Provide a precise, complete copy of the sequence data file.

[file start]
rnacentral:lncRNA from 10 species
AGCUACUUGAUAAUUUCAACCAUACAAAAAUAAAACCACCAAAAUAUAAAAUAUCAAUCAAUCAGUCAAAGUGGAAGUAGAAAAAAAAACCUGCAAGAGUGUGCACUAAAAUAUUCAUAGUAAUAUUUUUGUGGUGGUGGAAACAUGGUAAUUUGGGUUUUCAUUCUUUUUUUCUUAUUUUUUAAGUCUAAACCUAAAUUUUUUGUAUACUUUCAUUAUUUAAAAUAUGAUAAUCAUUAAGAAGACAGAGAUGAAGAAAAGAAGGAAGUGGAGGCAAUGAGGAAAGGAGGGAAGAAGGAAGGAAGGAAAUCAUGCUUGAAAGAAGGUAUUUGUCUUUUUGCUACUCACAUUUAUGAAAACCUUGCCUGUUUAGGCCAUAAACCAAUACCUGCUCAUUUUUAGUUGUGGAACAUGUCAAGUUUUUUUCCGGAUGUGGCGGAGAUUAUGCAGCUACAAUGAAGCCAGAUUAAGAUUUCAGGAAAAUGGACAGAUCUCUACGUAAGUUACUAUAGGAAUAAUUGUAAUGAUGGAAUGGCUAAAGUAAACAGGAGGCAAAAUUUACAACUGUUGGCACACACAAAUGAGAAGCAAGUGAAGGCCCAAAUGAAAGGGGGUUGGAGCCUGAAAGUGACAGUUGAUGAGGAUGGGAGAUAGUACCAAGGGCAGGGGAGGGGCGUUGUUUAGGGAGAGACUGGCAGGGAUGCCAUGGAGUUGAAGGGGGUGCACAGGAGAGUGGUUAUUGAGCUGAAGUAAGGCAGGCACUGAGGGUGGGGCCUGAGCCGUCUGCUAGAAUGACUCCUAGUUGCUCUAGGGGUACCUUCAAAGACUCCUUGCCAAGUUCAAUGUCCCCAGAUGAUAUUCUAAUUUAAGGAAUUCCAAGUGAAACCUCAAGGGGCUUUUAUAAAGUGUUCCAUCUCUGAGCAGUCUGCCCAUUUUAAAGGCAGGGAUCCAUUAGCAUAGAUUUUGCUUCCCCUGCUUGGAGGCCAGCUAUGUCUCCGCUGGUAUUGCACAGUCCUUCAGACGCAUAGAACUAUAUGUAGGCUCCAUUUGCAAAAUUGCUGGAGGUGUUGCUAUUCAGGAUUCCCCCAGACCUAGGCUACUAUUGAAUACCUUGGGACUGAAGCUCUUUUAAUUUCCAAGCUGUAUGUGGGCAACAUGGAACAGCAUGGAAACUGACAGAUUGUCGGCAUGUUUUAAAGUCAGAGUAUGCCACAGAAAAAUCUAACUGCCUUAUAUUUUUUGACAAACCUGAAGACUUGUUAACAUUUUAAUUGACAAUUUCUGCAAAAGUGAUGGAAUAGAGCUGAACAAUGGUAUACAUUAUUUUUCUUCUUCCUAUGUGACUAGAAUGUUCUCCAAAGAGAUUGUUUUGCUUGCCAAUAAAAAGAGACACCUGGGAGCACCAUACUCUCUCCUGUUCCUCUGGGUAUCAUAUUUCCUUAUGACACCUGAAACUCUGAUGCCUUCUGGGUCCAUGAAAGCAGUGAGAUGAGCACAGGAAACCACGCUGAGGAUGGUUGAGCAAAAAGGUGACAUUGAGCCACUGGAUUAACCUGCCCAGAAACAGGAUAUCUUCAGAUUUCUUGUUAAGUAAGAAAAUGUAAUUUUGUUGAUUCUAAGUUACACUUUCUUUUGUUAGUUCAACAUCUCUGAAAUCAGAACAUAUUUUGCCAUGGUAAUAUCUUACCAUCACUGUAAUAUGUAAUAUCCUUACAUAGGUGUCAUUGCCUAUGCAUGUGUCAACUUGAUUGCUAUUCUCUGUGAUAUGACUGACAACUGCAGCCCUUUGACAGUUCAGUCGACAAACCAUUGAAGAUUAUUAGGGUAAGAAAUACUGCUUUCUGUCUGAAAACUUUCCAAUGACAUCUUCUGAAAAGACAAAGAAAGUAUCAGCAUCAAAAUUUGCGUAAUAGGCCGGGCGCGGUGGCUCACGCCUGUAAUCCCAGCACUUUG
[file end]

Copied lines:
rnacentral:lncRNA from 10 species
AGCUACUUGAUAAUUUCAACCAUACAAAAAUAAAACCACCAAAAUAUAAAAUAUCAAUCAAUCAGUCAAAGUGGAAGUAGAAAAAAAAACCUGCAAGAGUGUGCACUAAAAUAUUCAUAGUAAUAUUUUUGUGGUGGUGGAAACAUGGUAAUUUGGGUUUUCAUUCUUUUUUUCUUAUUUUUUAAGUCUAAACCUAAAUUUUUUGUAUACUUUCAUUAUUUAAAAUAUGAUAAUCAUUAAGAAGACAGAGAUGAAGAAAAGAAGGAAGUGGAGGCAAUGAGGAAAGGAGGGAAGAAGGAAGGAAGGAAAUCAUGCUUGAAAGAAGGUAUUUGUCUUUUUGCUACUCACAUUUAUGAAAACCUUGCCUGUUUAGGCCAUAAACCAAUACCUGCUCAUUUUUAGUUGUGGAACAUGUCAAGUUUUUUUCCGGAUGUGGCGGAGAUUAUGCAGCUACAAUGAAGCCAGAUUAAGAUUUCAGGAAAAUGGACAGAUCUCUACGUAAGUUACUAUAGGAAUAAUUGUAAUGAUGGAAUGGCUAAAGUAAACAGGAGGCAAAAUUUACAACUGUUGGCACACACAAAUGAGAAGCAAGUGAAGGCCCAAAUGAAAGGGGGUUGGAGCCUGAAAGUGACAGUUGAUGAGGAUGGGAGAUAGUACCAAGGGCAGGGGAGGGGCGUUGUUUAGGGAGAGACUGGCAGGGAUGCCAUGGAGUUGAAGGGGGUGCACAGGAGAGUGGUUAUUGAGCUGAAGUAAGGCAGGCACUGAGGGUGGGGCCUGAGCCGUCUGCUAGAAUGACUCCUAGUUGCUCUAGGGGUACCUUCAAAGACUCCUUGCCAAGUUCAAUGUCCCCAGAUGAUAUUCUAAUUUAAGGAAUUCCAAGUGAAACCUCAAGGGGCUUUUAUAAAGUGUUCCAUCUCUGAGCAGUCUGCCCAUUUUAAAGGCAGGGAUCCAUUAGCAUAGAUUUUGCUUCCCCUGCUUGGAGGCCAGCUAUGUCUCCGCUGGUAUUGCACAGUCCUUCAGACGCAUAGAACUAUAUGUAGGCUCCAUUUGCAAAAUUGCUGGAGGUGUUGCUAUUCAGGAUUCCCCCAGACCUAGGCUACUAUUGAAUACCUUGGGACUGAAGCUCUUUUAAUUUCCAAGCUGUAUGUGGGCAACAUGGAACAGCAUGGAAACUGACAGAUUGUCGGCAUGUUUUAAAGUCAGAGUAUGCCACAGAAAAAUCUAACUGCCUUAUAUUUUUUGACAAACCUGAAGACUUGUUAACAUUUUAAUUGACAAUUUCUGCAAAAGUGAUGGAAUAGAGCUGAACAAUGGUAUACAUUAUUUUUCUUCUUCCUAUGUGACUAGAAUGUUCUCCAAAGAGAUUGUUUUGCUUGCCAAUAAAAAGAGACACCUGGGAGCACCAUACUCUCUCCUGUUCCUCUGGGUAUCAUAUUUCCUUAUGACACCUGAAACUCUGAUGCCUUCUGGGUCCAUGAAAGCAGUGAGAUGAGCACAGGAAACCACGCUGAGGAUGGUUGAGCAAAAAGGUGACAUUGAGCCACUGGAUUAACCUGCCCAGAAACAGGAUAUCUUCAGAUUUCUUGUUAAGUAAGAAAAUGUAAUUUUGUUGAUUCUAAGUUACACUUUCUUUUGUUAGUUCAACAUCUCUGAAAUCAGAACAUAUUUUGCCAUGGUAAUAUCUUACCAUCACUGUAAUAUGUAAUAUCCUUACAUAGGUGUCAUUGCCUAUGCAUGUGUCAACUUGAUUGCUAUUCUCUGUGAUAUGACUGACAACUGCAGCCCUUUGACAGUUCAGUCGACAAACCAUUGAAGAUUAUUAGGGUAAGAAAUACUGCUUUCUGUCUGAAAACUUUCCAAUGACAUCUUCUGAAAAGACAAAGAAAGUAUCAGCAUCAAAAUUUGCGUAAUAGGCCGGGCGCGGUGGCUCACGCCUGUAAUCCCAGCACUUUG